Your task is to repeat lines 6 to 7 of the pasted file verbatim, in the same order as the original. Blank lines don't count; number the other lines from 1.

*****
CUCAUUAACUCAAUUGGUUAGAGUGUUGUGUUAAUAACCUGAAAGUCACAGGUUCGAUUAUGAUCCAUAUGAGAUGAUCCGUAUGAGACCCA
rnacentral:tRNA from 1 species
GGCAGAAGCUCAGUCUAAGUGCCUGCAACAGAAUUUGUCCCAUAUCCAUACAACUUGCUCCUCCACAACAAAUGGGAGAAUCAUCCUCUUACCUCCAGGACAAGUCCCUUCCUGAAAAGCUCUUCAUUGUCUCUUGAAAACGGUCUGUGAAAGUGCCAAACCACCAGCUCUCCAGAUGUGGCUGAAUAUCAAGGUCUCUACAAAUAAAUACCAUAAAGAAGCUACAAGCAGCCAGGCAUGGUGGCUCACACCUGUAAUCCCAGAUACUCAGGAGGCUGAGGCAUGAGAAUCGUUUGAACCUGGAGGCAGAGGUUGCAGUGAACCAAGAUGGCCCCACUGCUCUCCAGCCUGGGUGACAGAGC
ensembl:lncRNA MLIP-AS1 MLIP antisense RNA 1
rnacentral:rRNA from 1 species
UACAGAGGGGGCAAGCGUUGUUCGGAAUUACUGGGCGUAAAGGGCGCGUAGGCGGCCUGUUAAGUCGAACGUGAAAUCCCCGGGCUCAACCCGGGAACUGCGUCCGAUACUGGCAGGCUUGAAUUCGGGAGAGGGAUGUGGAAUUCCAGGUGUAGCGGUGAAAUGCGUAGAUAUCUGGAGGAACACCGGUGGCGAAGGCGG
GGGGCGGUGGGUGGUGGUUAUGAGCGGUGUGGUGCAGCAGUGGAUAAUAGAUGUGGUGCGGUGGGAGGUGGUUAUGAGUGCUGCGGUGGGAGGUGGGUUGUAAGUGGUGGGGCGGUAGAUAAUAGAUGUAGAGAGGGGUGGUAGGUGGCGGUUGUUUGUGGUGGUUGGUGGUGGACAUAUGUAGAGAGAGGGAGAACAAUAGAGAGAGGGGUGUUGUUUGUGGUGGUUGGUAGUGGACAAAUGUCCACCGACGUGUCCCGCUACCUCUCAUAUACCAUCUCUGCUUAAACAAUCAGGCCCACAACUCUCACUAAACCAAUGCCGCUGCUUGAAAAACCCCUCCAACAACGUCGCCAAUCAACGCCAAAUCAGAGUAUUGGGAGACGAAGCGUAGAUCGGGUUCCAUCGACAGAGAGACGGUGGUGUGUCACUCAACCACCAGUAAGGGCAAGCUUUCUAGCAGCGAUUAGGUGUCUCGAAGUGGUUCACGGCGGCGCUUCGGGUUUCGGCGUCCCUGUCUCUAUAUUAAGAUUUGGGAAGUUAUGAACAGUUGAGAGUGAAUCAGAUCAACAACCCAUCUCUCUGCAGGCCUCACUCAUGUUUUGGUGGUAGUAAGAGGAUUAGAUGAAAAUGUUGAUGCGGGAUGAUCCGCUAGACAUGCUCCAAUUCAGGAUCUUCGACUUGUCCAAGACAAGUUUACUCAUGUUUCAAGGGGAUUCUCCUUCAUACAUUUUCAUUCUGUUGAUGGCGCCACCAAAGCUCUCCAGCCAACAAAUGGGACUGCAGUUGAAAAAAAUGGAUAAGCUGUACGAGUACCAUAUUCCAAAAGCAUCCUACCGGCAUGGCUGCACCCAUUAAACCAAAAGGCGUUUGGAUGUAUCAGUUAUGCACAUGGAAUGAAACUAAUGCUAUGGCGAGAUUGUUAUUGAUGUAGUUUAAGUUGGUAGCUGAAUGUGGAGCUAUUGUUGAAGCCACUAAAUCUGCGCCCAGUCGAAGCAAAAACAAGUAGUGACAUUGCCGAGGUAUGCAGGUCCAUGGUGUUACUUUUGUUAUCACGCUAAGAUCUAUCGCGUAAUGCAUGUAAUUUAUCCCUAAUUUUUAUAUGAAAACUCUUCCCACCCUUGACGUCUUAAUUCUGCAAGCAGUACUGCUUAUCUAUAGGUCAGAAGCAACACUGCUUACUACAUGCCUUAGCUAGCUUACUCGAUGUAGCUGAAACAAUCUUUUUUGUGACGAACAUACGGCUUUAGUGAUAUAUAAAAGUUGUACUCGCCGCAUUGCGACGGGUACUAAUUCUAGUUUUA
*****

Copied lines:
UACAGAGGGGGCAAGCGUUGUUCGGAAUUACUGGGCGUAAAGGGCGCGUAGGCGGCCUGUUAAGUCGAACGUGAAAUCCCCGGGCUCAACCCGGGAACUGCGUCCGAUACUGGCAGGCUUGAAUUCGGGAGAGGGAUGUGGAAUUCCAGGUGUAGCGGUGAAAUGCGUAGAUAUCUGGAGGAACACCGGUGGCGAAGGCGG
GGGGCGGUGGGUGGUGGUUAUGAGCGGUGUGGUGCAGCAGUGGAUAAUAGAUGUGGUGCGGUGGGAGGUGGUUAUGAGUGCUGCGGUGGGAGGUGGGUUGUAAGUGGUGGGGCGGUAGAUAAUAGAUGUAGAGAGGGGUGGUAGGUGGCGGUUGUUUGUGGUGGUUGGUGGUGGACAUAUGUAGAGAGAGGGAGAACAAUAGAGAGAGGGGUGUUGUUUGUGGUGGUUGGUAGUGGACAAAUGUCCACCGACGUGUCCCGCUACCUCUCAUAUACCAUCUCUGCUUAAACAAUCAGGCCCACAACUCUCACUAAACCAAUGCCGCUGCUUGAAAAACCCCUCCAACAACGUCGCCAAUCAACGCCAAAUCAGAGUAUUGGGAGACGAAGCGUAGAUCGGGUUCCAUCGACAGAGAGACGGUGGUGUGUCACUCAACCACCAGUAAGGGCAAGCUUUCUAGCAGCGAUUAGGUGUCUCGAAGUGGUUCACGGCGGCGCUUCGGGUUUCGGCGUCCCUGUCUCUAUAUUAAGAUUUGGGAAGUUAUGAACAGUUGAGAGUGAAUCAGAUCAACAACCCAUCUCUCUGCAGGCCUCACUCAUGUUUUGGUGGUAGUAAGAGGAUUAGAUGAAAAUGUUGAUGCGGGAUGAUCCGCUAGACAUGCUCCAAUUCAGGAUCUUCGACUUGUCCAAGACAAGUUUACUCAUGUUUCAAGGGGAUUCUCCUUCAUACAUUUUCAUUCUGUUGAUGGCGCCACCAAAGCUCUCCAGCCAACAAAUGGGACUGCAGUUGAAAAAAAUGGAUAAGCUGUACGAGUACCAUAUUCCAAAAGCAUCCUACCGGCAUGGCUGCACCCAUUAAACCAAAAGGCGUUUGGAUGUAUCAGUUAUGCACAUGGAAUGAAACUAAUGCUAUGGCGAGAUUGUUAUUGAUGUAGUUUAAGUUGGUAGCUGAAUGUGGAGCUAUUGUUGAAGCCACUAAAUCUGCGCCCAGUCGAAGCAAAAACAAGUAGUGACAUUGCCGAGGUAUGCAGGUCCAUGGUGUUACUUUUGUUAUCACGCUAAGAUCUAUCGCGUAAUGCAUGUAAUUUAUCCCUAAUUUUUAUAUGAAAACUCUUCCCACCCUUGACGUCUUAAUUCUGCAAGCAGUACUGCUUAUCUAUAGGUCAGAAGCAACACUGCUUACUACAUGCCUUAGCUAGCUUACUCGAUGUAGCUGAAACAAUCUUUUUUGUGACGAACAUACGGCUUUAGUGAUAUAUAAAAGUUGUACUCGCCGCAUUGCGACGGGUACUAAUUCUAGUUUUA